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'Capital proceeds' is the term used to describe the amount of money or the value of any property you receive or are entitled to receive as a result of a CGT event happening. In some cases, if you receive nothing in exchange for the CGT asset - for example, you give a CGT asset as a gift - you are taken to have received the market value of the asset at the time of the CGT event.
You may also be taken to have received the market value of a CGT asset that is the subject of a CGT event if your capital proceeds are more or less than the market value of the CGT asset and you and the purchaser were not dealing with each other at arm's length in connection with the event. You are said to be dealing at arm's length with someone if each party acts independently and neither party exercises influence or control over the other in connection with the transaction. The law looks at not only the relationship between the parties but also the quality of the bargaining between them.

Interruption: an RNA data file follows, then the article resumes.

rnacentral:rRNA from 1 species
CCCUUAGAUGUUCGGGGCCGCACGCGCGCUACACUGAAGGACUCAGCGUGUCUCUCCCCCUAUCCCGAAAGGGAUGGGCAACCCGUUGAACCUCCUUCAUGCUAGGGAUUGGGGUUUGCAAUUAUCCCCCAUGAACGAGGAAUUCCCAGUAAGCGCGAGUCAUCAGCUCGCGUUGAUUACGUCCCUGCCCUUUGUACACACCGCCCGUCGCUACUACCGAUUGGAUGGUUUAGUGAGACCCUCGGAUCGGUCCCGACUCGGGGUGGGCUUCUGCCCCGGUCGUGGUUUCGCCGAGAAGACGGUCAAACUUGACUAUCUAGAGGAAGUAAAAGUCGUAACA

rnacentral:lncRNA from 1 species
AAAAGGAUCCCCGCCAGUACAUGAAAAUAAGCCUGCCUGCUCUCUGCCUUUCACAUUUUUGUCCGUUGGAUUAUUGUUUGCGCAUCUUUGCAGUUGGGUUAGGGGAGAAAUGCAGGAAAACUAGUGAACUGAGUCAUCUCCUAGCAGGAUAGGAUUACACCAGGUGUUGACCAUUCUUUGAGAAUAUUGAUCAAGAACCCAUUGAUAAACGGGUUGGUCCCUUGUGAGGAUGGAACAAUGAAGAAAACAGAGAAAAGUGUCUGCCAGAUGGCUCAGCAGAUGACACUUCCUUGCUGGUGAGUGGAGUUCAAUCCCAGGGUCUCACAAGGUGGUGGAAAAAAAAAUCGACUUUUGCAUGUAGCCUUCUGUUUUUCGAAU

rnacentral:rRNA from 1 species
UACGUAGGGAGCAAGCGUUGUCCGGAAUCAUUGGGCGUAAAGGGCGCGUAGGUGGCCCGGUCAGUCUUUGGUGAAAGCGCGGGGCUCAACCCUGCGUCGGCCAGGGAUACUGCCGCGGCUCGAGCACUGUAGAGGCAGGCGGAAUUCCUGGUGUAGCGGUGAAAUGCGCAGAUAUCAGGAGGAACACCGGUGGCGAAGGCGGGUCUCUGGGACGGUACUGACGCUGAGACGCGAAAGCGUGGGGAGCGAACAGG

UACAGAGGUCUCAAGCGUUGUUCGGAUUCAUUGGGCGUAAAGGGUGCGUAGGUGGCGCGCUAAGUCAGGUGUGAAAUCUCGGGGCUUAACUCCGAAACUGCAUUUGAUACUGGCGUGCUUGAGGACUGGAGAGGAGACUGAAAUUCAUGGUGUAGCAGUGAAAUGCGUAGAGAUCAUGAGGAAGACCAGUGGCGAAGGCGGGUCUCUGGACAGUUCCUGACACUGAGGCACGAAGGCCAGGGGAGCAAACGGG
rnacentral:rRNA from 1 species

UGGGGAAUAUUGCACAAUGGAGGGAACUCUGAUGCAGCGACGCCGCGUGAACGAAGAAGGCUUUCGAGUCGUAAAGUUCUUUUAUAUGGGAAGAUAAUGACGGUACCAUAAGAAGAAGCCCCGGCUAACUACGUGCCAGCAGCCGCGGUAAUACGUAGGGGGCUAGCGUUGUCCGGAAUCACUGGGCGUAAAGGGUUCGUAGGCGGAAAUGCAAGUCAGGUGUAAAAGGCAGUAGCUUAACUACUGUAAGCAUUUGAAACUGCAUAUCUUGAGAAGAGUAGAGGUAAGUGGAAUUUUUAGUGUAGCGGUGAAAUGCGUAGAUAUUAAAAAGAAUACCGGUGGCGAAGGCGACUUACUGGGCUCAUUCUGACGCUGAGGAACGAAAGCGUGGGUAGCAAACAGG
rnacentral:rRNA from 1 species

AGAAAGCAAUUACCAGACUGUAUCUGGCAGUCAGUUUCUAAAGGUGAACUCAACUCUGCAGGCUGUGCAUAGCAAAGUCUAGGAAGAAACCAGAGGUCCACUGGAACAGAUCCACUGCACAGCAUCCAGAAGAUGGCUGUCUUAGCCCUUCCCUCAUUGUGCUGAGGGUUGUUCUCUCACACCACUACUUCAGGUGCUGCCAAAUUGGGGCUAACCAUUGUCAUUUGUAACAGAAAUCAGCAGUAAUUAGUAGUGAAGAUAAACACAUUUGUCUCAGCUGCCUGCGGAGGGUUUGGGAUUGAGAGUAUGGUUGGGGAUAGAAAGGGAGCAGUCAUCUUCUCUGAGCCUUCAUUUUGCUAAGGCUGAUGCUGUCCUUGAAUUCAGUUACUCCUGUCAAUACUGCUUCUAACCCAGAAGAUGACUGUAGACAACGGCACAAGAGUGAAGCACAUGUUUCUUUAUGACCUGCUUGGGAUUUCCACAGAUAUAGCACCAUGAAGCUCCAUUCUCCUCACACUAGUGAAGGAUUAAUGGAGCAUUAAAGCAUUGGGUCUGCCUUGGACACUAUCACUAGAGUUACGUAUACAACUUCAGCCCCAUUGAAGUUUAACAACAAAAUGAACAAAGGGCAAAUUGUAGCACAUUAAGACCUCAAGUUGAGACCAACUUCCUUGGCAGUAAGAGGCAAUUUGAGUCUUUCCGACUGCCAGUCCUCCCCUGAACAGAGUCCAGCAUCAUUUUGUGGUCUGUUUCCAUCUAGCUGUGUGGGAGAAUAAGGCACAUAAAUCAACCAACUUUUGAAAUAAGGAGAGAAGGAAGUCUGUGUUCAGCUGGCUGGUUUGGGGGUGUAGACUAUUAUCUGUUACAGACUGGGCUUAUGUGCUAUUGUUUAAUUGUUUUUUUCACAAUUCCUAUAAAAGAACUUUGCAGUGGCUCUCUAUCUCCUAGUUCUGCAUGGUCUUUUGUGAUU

Capital proceeds from a CGT event are reduced if:
- you are not likely to receive some or all of those proceeds
- the non-receipt is not due to anything you have done or failed to do and
- you took all reasonable steps to obtain payment.
Capital proceeds are reduced by:
- any part of them that you repay or
- any compensation you pay that can reasonably be regarded as a repayment of them
provided you are not entitled to a tax deduction for the amount you repaid.
If you are registered for GST purposes and the capital proceeds from a CGT event also constitute the consideration for a taxable supply, any GST payable is not part of the capital proceeds.
Last modified: 18 Sep 2009QC 18323